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DHAKA – Around a dozen more brands have signed up to the 2018 Bangladesh Accord on Fire and Building Safety after the actual costs involved were made clear to brands by the Accord steering committee at the end of last week. At the time of writing, the number of signatories has reached 76, and is edging up slowly, albeit with some notable names missing.

While some of the names not to have signed don’t come as a particular surprise, others do – notably Puma, John Lewis, Marks and Spencer, Next and Fast Retailing, the Japanese fast fashion brand which has massively upped its game on CSR issues in recent times. There are still more than 130 brands left to sign, though we expect a raft of further signatories in the coming weeks.

Last year, Accord signatories announced that the Accord would be extended for three more years beyond its original deadline in 2018, to allow the current process of safety improvements to continue. In October 2017 brand and trade union signatories to the Accord, the BGMEA, and the Bangladesh Ministers of Commerce and Labour agreed the Accord will continue its work until local regulatory bodies meet a set of rigorous conditions.

When Apparel Insider spoke to Jenny Holdcroft, assistant general secretary at IndustriALL Global Union, she confirmed a fresh spate of signatures. “There were questions around cost but a recent decision of the Accord steering committee has confirmed the fees and many more brands have signed up since this was made clear,” she told us.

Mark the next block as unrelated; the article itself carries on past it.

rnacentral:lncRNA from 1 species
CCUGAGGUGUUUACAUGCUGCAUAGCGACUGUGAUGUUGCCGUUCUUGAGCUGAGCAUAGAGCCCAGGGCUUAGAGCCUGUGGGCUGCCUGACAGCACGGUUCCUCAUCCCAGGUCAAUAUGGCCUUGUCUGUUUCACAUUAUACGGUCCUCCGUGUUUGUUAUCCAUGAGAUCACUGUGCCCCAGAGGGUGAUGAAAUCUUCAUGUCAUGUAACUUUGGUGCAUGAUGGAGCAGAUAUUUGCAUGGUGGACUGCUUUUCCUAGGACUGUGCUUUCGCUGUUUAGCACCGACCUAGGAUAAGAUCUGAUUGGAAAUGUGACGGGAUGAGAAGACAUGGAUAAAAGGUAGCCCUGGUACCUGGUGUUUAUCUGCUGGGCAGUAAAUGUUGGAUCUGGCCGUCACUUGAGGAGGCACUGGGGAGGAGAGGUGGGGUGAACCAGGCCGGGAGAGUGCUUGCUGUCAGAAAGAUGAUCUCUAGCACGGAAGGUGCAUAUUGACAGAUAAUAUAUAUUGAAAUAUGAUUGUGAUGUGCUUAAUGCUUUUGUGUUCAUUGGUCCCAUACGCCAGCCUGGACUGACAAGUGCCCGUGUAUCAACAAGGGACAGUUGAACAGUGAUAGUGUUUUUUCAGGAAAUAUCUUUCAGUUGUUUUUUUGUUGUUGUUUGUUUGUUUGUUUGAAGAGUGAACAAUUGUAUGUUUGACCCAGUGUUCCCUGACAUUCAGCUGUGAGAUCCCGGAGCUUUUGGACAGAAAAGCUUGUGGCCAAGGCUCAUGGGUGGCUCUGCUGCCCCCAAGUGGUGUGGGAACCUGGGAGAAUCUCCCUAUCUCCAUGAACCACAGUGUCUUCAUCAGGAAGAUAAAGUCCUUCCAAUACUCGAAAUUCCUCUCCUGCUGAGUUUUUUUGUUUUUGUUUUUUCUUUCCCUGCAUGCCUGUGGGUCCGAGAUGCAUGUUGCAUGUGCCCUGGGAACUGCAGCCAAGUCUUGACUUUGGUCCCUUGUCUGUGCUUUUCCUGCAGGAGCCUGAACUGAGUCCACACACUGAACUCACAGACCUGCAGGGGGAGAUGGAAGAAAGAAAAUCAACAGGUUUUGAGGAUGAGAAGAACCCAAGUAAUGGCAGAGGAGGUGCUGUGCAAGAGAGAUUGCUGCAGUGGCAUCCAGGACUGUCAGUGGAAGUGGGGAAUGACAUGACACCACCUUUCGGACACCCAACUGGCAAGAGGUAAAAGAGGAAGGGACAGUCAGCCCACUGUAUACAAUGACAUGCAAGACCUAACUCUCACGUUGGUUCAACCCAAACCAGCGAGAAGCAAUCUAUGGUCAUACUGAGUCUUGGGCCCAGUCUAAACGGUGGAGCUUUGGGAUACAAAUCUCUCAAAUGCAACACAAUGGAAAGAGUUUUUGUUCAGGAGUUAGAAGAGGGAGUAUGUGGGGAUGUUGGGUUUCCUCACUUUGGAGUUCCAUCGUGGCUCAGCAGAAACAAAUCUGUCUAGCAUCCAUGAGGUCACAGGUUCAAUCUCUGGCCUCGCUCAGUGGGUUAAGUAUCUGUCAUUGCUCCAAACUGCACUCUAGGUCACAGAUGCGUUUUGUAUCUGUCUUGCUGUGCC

As we recently reported, an Accord brand recently agreed to pay US$2m to help its Bangladeshi suppliers fix safety issues. Could such cases act as a deterrent for brands signing the new Accord? Holdcroft claimed there is, “no evidence of this,” adding: “They were not asked to pay – this was a settlement reached in an arbitration case, of which there were only two.”

The brand paying the US$2m above remained anonymous under the terms of its settlement. We put it to Holdfroft that this seemed anomalous in this age of so-called transparency.

She told us: “The settlement arose from a case before the Permanent Court of Arbitration which required confidentiality. The terms of this second settlement allowed us to report on the content of the settlement whereas for the first settlement [another brand also paid a similar settlement in December 2017] we were not able to do even this.”

A fair enough answer, but as indicated, it does seem unjust – and disappointing to say the least – that brands in cases such as this should be granted anonymity.


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